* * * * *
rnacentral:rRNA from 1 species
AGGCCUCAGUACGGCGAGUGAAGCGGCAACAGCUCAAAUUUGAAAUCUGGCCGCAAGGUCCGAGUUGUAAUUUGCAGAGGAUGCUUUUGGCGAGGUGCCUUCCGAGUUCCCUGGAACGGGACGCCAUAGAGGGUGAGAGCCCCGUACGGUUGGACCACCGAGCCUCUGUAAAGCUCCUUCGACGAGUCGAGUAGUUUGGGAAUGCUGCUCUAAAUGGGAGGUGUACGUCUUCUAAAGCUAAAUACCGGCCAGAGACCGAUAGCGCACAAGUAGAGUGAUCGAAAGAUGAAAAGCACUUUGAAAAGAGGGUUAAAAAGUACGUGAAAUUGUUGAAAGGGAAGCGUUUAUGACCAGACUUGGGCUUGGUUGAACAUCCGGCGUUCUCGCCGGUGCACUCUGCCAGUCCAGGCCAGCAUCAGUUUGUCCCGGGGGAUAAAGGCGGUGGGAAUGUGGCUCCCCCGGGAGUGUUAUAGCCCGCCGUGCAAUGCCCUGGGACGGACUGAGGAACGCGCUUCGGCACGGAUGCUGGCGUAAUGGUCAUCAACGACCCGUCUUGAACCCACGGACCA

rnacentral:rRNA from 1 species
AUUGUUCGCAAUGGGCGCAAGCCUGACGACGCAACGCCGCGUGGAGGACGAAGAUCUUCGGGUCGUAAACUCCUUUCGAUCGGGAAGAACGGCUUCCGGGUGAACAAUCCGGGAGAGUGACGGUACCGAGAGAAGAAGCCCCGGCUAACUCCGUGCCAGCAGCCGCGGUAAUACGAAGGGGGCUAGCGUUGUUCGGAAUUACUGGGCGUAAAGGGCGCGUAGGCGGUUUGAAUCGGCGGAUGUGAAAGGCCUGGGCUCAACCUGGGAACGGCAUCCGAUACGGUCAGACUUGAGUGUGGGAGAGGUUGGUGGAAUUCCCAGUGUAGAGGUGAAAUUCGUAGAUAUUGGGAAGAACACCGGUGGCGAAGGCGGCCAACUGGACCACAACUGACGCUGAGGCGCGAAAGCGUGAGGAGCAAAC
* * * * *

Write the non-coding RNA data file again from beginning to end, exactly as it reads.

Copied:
rnacentral:rRNA from 1 species
AGGCCUCAGUACGGCGAGUGAAGCGGCAACAGCUCAAAUUUGAAAUCUGGCCGCAAGGUCCGAGUUGUAAUUUGCAGAGGAUGCUUUUGGCGAGGUGCCUUCCGAGUUCCCUGGAACGGGACGCCAUAGAGGGUGAGAGCCCCGUACGGUUGGACCACCGAGCCUCUGUAAAGCUCCUUCGACGAGUCGAGUAGUUUGGGAAUGCUGCUCUAAAUGGGAGGUGUACGUCUUCUAAAGCUAAAUACCGGCCAGAGACCGAUAGCGCACAAGUAGAGUGAUCGAAAGAUGAAAAGCACUUUGAAAAGAGGGUUAAAAAGUACGUGAAAUUGUUGAAAGGGAAGCGUUUAUGACCAGACUUGGGCUUGGUUGAACAUCCGGCGUUCUCGCCGGUGCACUCUGCCAGUCCAGGCCAGCAUCAGUUUGUCCCGGGGGAUAAAGGCGGUGGGAAUGUGGCUCCCCCGGGAGUGUUAUAGCCCGCCGUGCAAUGCCCUGGGACGGACUGAGGAACGCGCUUCGGCACGGAUGCUGGCGUAAUGGUCAUCAACGACCCGUCUUGAACCCACGGACCA

rnacentral:rRNA from 1 species
AUUGUUCGCAAUGGGCGCAAGCCUGACGACGCAACGCCGCGUGGAGGACGAAGAUCUUCGGGUCGUAAACUCCUUUCGAUCGGGAAGAACGGCUUCCGGGUGAACAAUCCGGGAGAGUGACGGUACCGAGAGAAGAAGCCCCGGCUAACUCCGUGCCAGCAGCCGCGGUAAUACGAAGGGGGCUAGCGUUGUUCGGAAUUACUGGGCGUAAAGGGCGCGUAGGCGGUUUGAAUCGGCGGAUGUGAAAGGCCUGGGCUCAACCUGGGAACGGCAUCCGAUACGGUCAGACUUGAGUGUGGGAGAGGUUGGUGGAAUUCCCAGUGUAGAGGUGAAAUUCGUAGAUAUUGGGAAGAACACCGGUGGCGAAGGCGGCCAACUGGACCACAACUGACGCUGAGGCGCGAAAGCGUGAGGAGCAAAC